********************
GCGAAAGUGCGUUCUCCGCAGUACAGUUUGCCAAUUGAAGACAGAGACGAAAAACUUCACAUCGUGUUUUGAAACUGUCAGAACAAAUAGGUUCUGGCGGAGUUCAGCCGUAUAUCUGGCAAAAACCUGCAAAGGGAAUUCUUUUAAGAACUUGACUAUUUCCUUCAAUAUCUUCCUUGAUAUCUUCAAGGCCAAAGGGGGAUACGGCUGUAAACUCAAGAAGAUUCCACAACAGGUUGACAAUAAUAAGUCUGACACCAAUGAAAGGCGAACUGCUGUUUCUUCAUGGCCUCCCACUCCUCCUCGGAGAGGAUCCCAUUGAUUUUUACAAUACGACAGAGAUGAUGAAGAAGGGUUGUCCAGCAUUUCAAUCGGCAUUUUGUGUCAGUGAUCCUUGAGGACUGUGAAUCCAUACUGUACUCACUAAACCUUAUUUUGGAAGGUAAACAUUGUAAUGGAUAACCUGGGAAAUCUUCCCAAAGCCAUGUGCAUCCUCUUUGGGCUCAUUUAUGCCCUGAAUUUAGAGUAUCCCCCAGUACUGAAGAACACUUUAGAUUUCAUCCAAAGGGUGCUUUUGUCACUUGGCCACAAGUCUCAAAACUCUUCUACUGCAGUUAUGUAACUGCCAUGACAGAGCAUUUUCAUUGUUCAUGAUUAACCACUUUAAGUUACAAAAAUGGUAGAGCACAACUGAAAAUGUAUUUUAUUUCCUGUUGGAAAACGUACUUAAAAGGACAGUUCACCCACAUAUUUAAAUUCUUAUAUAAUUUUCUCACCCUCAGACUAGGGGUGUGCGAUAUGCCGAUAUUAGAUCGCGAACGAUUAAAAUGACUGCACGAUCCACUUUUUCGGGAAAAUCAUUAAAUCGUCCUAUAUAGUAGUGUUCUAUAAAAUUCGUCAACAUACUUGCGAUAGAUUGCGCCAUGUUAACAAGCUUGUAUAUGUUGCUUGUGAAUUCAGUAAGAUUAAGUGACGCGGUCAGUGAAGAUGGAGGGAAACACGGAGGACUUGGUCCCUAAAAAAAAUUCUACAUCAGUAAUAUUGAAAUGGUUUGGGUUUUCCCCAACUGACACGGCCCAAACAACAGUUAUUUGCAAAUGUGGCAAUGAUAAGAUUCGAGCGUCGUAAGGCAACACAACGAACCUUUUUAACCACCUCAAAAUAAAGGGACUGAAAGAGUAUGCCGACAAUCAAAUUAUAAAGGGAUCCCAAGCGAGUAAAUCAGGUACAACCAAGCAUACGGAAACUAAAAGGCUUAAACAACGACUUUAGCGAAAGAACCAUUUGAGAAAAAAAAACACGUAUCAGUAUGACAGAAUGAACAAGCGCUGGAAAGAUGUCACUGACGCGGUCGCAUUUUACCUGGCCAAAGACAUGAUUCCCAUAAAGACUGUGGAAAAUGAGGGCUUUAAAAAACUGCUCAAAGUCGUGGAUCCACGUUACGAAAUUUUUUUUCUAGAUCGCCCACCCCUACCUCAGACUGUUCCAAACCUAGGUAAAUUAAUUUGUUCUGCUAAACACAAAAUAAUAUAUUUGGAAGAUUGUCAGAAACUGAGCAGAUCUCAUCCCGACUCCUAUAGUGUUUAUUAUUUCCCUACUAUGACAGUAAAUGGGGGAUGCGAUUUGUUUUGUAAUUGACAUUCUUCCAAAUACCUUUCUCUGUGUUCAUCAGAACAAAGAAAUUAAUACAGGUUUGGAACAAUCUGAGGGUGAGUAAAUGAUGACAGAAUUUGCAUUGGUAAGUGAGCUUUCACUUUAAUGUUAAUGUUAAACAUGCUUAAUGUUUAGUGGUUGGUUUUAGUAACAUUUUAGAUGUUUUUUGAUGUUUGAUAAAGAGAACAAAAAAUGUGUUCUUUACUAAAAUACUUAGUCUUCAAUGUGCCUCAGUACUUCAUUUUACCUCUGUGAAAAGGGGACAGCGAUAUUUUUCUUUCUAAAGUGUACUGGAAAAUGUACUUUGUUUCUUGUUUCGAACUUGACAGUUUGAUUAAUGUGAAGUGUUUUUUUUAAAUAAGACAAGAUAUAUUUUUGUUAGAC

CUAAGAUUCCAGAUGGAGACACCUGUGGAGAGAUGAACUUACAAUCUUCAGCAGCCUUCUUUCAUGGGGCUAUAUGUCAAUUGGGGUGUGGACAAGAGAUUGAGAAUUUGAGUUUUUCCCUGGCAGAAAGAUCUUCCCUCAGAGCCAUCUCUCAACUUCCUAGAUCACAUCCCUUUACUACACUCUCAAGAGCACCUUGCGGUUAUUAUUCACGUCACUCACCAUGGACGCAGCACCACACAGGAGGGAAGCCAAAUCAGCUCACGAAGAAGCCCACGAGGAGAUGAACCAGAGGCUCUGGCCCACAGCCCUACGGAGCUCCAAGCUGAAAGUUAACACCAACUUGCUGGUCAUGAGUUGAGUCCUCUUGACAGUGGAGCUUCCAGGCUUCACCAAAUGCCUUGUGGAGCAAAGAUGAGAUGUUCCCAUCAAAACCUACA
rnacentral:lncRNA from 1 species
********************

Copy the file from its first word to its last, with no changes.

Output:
GCGAAAGUGCGUUCUCCGCAGUACAGUUUGCCAAUUGAAGACAGAGACGAAAAACUUCACAUCGUGUUUUGAAACUGUCAGAACAAAUAGGUUCUGGCGGAGUUCAGCCGUAUAUCUGGCAAAAACCUGCAAAGGGAAUUCUUUUAAGAACUUGACUAUUUCCUUCAAUAUCUUCCUUGAUAUCUUCAAGGCCAAAGGGGGAUACGGCUGUAAACUCAAGAAGAUUCCACAACAGGUUGACAAUAAUAAGUCUGACACCAAUGAAAGGCGAACUGCUGUUUCUUCAUGGCCUCCCACUCCUCCUCGGAGAGGAUCCCAUUGAUUUUUACAAUACGACAGAGAUGAUGAAGAAGGGUUGUCCAGCAUUUCAAUCGGCAUUUUGUGUCAGUGAUCCUUGAGGACUGUGAAUCCAUACUGUACUCACUAAACCUUAUUUUGGAAGGUAAACAUUGUAAUGGAUAACCUGGGAAAUCUUCCCAAAGCCAUGUGCAUCCUCUUUGGGCUCAUUUAUGCCCUGAAUUUAGAGUAUCCCCCAGUACUGAAGAACACUUUAGAUUUCAUCCAAAGGGUGCUUUUGUCACUUGGCCACAAGUCUCAAAACUCUUCUACUGCAGUUAUGUAACUGCCAUGACAGAGCAUUUUCAUUGUUCAUGAUUAACCACUUUAAGUUACAAAAAUGGUAGAGCACAACUGAAAAUGUAUUUUAUUUCCUGUUGGAAAACGUACUUAAAAGGACAGUUCACCCACAUAUUUAAAUUCUUAUAUAAUUUUCUCACCCUCAGACUAGGGGUGUGCGAUAUGCCGAUAUUAGAUCGCGAACGAUUAAAAUGACUGCACGAUCCACUUUUUCGGGAAAAUCAUUAAAUCGUCCUAUAUAGUAGUGUUCUAUAAAAUUCGUCAACAUACUUGCGAUAGAUUGCGCCAUGUUAACAAGCUUGUAUAUGUUGCUUGUGAAUUCAGUAAGAUUAAGUGACGCGGUCAGUGAAGAUGGAGGGAAACACGGAGGACUUGGUCCCUAAAAAAAAUUCUACAUCAGUAAUAUUGAAAUGGUUUGGGUUUUCCCCAACUGACACGGCCCAAACAACAGUUAUUUGCAAAUGUGGCAAUGAUAAGAUUCGAGCGUCGUAAGGCAACACAACGAACCUUUUUAACCACCUCAAAAUAAAGGGACUGAAAGAGUAUGCCGACAAUCAAAUUAUAAAGGGAUCCCAAGCGAGUAAAUCAGGUACAACCAAGCAUACGGAAACUAAAAGGCUUAAACAACGACUUUAGCGAAAGAACCAUUUGAGAAAAAAAAACACGUAUCAGUAUGACAGAAUGAACAAGCGCUGGAAAGAUGUCACUGACGCGGUCGCAUUUUACCUGGCCAAAGACAUGAUUCCCAUAAAGACUGUGGAAAAUGAGGGCUUUAAAAAACUGCUCAAAGUCGUGGAUCCACGUUACGAAAUUUUUUUUCUAGAUCGCCCACCCCUACCUCAGACUGUUCCAAACCUAGGUAAAUUAAUUUGUUCUGCUAAACACAAAAUAAUAUAUUUGGAAGAUUGUCAGAAACUGAGCAGAUCUCAUCCCGACUCCUAUAGUGUUUAUUAUUUCCCUACUAUGACAGUAAAUGGGGGAUGCGAUUUGUUUUGUAAUUGACAUUCUUCCAAAUACCUUUCUCUGUGUUCAUCAGAACAAAGAAAUUAAUACAGGUUUGGAACAAUCUGAGGGUGAGUAAAUGAUGACAGAAUUUGCAUUGGUAAGUGAGCUUUCACUUUAAUGUUAAUGUUAAACAUGCUUAAUGUUUAGUGGUUGGUUUUAGUAACAUUUUAGAUGUUUUUUGAUGUUUGAUAAAGAGAACAAAAAAUGUGUUCUUUACUAAAAUACUUAGUCUUCAAUGUGCCUCAGUACUUCAUUUUACCUCUGUGAAAAGGGGACAGCGAUAUUUUUCUUUCUAAAGUGUACUGGAAAAUGUACUUUGUUUCUUGUUUCGAACUUGACAGUUUGAUUAAUGUGAAGUGUUUUUUUUAAAUAAGACAAGAUAUAUUUUUGUUAGAC

CUAAGAUUCCAGAUGGAGACACCUGUGGAGAGAUGAACUUACAAUCUUCAGCAGCCUUCUUUCAUGGGGCUAUAUGUCAAUUGGGGUGUGGACAAGAGAUUGAGAAUUUGAGUUUUUCCCUGGCAGAAAGAUCUUCCCUCAGAGCCAUCUCUCAACUUCCUAGAUCACAUCCCUUUACUACACUCUCAAGAGCACCUUGCGGUUAUUAUUCACGUCACUCACCAUGGACGCAGCACCACACAGGAGGGAAGCCAAAUCAGCUCACGAAGAAGCCCACGAGGAGAUGAACCAGAGGCUCUGGCCCACAGCCCUACGGAGCUCCAAGCUGAAAGUUAACACCAACUUGCUGGUCAUGAGUUGAGUCCUCUUGACAGUGGAGCUUCCAGGCUUCACCAAAUGCCUUGUGGAGCAAAGAUGAGAUGUUCCCAUCAAAACCUACA
rnacentral:lncRNA from 1 species